6. For MVC application in Application_Start event for Global.ascx RegisterRoutes(RouteTable.Routes) API for RouteConfig is invoked.
7. Inside the RegisterRoutes we register route by giving: route name and constraints.
routes.MapRoute(
name: “Default”,
url: “{controller}/{action}/{id}”,
defaults: new { controller = “Home”, action = “Contact”, id = UrlParameter.Optional }

8. The MapRoute is actually extension method in RouteCollectionExtensions.cs. Now, you can see how the route with particular URL is being register and associated with MvcRouteHandler.

9. Post this ASP.NET starts executing the HTTP Modules registered in the pipeline. In BeginProcessRequest there is a cycle that iterates all modules and execute each of it.
10. One of the module is UrlRoutingModule. The goal of this module is basically matching incoming request by URL with pre-defined Route configuration and return corresponding handler for this request.
11. HttpApplication calls the Init method for each of the registered modules. Init method has HttpApplication as parameter, in the Init method for Url Routing Module for the event handler PostResolveRequestCache of HttpApplication object it assigns the method PostResolveRequestCache Method within the routing module. When the HttpApplication event is fire the PostResolveRequestCache method of the UrlRouting Module gets fired. In this method following steps are performed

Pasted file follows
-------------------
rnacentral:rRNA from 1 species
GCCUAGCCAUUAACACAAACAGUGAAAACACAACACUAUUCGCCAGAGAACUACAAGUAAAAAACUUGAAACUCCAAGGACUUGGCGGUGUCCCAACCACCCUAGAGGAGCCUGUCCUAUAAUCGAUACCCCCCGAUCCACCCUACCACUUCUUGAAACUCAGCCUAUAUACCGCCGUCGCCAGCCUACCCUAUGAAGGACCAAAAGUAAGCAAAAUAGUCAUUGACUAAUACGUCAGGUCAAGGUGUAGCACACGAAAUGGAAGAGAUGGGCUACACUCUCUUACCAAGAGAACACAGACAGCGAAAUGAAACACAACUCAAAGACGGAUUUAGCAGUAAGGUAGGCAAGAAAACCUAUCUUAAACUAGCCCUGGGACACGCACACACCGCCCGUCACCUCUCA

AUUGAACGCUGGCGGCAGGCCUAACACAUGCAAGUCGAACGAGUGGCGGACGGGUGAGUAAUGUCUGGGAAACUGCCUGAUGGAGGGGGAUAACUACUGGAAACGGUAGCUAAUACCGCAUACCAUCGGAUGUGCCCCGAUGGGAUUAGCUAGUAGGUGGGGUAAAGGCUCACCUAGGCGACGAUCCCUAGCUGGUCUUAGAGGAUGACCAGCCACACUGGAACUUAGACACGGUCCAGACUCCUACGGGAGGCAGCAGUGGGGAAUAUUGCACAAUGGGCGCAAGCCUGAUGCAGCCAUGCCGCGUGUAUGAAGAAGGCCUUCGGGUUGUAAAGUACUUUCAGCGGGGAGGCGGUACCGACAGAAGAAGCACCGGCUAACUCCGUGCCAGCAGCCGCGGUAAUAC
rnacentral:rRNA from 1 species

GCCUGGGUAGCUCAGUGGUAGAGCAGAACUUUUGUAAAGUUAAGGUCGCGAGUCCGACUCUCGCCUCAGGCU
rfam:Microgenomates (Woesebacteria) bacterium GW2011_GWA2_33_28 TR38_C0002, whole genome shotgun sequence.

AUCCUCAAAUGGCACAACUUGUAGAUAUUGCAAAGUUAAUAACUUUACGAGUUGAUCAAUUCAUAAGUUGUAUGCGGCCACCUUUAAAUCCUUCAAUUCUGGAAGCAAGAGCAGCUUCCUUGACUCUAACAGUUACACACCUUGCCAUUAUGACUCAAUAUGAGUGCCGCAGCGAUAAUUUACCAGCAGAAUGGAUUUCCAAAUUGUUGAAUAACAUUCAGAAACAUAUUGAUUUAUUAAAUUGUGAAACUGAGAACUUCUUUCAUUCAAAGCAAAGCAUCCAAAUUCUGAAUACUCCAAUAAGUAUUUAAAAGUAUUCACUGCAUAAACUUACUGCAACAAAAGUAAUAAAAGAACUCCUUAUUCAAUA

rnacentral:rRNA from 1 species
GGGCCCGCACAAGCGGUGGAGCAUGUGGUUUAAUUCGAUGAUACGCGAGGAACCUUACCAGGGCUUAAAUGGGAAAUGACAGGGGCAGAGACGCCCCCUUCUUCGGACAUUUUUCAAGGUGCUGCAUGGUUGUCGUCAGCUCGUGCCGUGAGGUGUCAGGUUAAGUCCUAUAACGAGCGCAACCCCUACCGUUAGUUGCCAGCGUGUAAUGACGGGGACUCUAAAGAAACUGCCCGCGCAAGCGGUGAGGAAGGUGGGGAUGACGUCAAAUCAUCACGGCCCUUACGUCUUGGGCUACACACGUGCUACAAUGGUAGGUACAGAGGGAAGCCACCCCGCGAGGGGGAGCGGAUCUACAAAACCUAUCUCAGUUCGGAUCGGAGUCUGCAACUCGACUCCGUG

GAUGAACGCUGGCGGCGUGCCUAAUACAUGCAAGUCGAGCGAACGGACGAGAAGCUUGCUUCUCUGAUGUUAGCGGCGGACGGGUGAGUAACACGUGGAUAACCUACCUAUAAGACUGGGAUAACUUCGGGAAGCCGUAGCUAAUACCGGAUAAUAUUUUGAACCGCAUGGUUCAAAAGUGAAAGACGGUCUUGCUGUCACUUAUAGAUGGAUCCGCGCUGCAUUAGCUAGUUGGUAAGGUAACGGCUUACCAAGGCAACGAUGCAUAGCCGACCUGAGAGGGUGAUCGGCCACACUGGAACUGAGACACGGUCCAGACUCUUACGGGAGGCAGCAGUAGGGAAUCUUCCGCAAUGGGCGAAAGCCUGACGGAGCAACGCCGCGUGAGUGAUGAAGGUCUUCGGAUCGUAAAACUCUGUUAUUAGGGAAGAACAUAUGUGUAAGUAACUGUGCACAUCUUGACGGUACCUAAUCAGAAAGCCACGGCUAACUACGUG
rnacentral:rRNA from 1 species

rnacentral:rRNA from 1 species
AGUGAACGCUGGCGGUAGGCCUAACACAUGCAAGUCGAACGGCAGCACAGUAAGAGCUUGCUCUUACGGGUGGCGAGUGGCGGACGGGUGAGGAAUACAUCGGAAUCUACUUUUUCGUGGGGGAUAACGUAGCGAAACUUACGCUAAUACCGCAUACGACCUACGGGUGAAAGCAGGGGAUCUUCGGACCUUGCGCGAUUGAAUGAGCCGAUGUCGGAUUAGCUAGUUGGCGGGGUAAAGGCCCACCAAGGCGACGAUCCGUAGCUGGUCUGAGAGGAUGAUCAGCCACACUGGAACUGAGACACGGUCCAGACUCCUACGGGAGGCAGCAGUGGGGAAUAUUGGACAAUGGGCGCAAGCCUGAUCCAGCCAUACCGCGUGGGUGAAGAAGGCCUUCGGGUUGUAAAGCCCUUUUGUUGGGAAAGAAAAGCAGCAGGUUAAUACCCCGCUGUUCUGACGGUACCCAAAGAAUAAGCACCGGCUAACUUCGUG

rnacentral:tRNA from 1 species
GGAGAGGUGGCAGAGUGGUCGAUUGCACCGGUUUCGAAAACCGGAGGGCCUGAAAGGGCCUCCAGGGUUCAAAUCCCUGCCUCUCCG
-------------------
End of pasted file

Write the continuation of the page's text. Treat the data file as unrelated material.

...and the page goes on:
12. Match the request to defined route
13. For found matched Route it gets corresponding route handler (MvcRouteHandler). MvcRouteHandler was configured earlier in the application start.
14. Get HttpHandler method for the MvcRouteHandler is called which returns the instance of MvcHandler
15. This in turn calls the RemapHandler method in the HttpContext instance, to this method MvcHandler is passed. Remapahandler tells IIS which Httphandler we want to use.
16. Once handler has been set, handlers process request method is been called by ASP.Net framework.
17. We know that HttpHandlers are special objects that handles requests and produce a response. MvcHandler produce nothing by itself. Instead, it uses ControllerBuilder object for creating Controller and call controller Execute method. It is Execute method responsibility to find corresponding action, call action and wrap action return result it HTTP response